Pakistan’s government suspended peace talks with the Tehreek-e-Taliban Pakistan (TTP) on February 17, after a faction of the Taliban claimed the recent brutal killing of 23 paramilitary soldiers. The TTP also claimed responsibility for a blast in Karachi on February 13, which killed more than 12 elite police officers. After the suspension of talks, the Pakistani army has attacked and killed suspected militants in the country’s tribal areas multiple times. It’s unclear whether this violence is the beginning of a sustained military campaign against the TTP or a shorter, more targeted assault. In any case, it seems that talks will not resume until each side can credibly convince the other it is committed to a ceasefire, which is unlikely.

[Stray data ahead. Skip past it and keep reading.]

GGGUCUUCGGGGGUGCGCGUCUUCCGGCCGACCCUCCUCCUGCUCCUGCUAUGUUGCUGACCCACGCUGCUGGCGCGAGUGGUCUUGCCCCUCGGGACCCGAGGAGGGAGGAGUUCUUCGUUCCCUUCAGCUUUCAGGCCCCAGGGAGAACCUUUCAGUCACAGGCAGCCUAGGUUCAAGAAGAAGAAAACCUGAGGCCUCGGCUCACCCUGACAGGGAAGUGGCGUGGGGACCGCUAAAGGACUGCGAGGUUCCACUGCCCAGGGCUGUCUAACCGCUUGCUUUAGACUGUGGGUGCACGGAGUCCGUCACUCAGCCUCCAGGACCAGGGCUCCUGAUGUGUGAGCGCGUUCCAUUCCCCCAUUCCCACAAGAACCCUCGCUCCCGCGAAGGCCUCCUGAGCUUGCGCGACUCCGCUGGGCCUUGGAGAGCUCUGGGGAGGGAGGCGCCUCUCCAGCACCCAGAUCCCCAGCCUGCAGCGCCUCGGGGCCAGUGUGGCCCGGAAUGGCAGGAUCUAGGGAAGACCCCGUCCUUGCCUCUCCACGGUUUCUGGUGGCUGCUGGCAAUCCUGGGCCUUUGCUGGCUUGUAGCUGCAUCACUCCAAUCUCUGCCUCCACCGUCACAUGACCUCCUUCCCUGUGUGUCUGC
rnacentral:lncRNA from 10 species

Political analysts have long predicted that peace talks with the Taliban will eventually fail, as they have in the past. The Taliban does not recognize Pakistan’s government or its constitution, leaving no middle ground for negotiation. It wants to set up a system of extreme Sharia law, with Mullah Fazlullah as the leader of Pakistan, and Mullah Omar as Amir-ul-Momineen, the commander of the faithful. In other words, it wants to plunge Pakistan into the dark ages, or, more accurately, the Afghanistan of the 1990s. Its method of choice to reach this goal is violence and terror. How does one negotiate with that?